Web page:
Background: Matrix metalloproteinase 9 (MMP-9) may serve as a biomarker of ventricular remodeling in selected populations, but few studies have assessed its performance in clinical practice. We tested MMP-9 as a biomarker of remodeling and predictor of outcomes in a systolic heart failure cohort derived from clinical practice and compared its performance to brain natriuretic peptide (BNP). Methods: Plasma MMP-9 and BNP levels were measured in 395 outpatients with systolic heart failure who participated in the Penn Heart Failure Study. We tested for (1) cross-sectional associations between biomarker levels, left ventricular end-diastolic dimension index (LVEDDI), and ejection fraction (EF), and (2) associations between baseline biomarker levels and risk of subsequent cardiac hospitalization or death over 3 years of follow-up. Results: Matrix metalloproteinase 9 had no significant correlation with LVEDDI (ρ = 0.04, P = not significant) or EF (ρ = -0.06, P = not significant), whereas BNP showed highly significant correlations (LVEDDI: ρ = -0.27, P < .0001; EF: ρ = -0.35, P < .0001). In multivariate linear regression models, MMP-9 again showed no significant associations with LVEDDI (P = .6) or EF (P = .14), whereas BNP showed strong independent associations (LVEDDI: P < .001; EF: P = .002). Kaplan-Meier analyses showed no difference in hospital-free survival by baseline MMP-9 tertile (P = .7), whereas higher BNP tertile predicted worse survival (P < .0001). In multivariate Cox models, baseline MMP-9 level did not predict risk of adverse outcome (hazard ratio for log increase 0.98, P = .9), whereas BNP was a significant independent predictor (hazard ratio for log increase 1.15, P = .02). Conclusion: Compared to BNP, MMP-9 is a poor clinical biomarker of remodeling and outcome in patients with systolic heart failure derived from clinical practice.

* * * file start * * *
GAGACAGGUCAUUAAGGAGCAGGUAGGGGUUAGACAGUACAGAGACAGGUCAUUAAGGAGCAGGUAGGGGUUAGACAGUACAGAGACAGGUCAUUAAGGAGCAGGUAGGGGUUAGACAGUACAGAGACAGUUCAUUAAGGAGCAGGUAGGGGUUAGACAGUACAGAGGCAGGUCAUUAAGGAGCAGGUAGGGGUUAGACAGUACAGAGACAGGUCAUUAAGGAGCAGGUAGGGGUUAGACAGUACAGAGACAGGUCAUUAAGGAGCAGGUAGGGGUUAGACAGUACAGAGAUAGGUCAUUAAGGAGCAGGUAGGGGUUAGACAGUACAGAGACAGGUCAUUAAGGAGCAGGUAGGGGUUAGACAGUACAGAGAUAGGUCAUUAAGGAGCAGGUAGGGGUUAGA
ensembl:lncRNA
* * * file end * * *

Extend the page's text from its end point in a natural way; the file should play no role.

ASJC Scopus subject areas
- Cardiology and Cardiovascular Medicine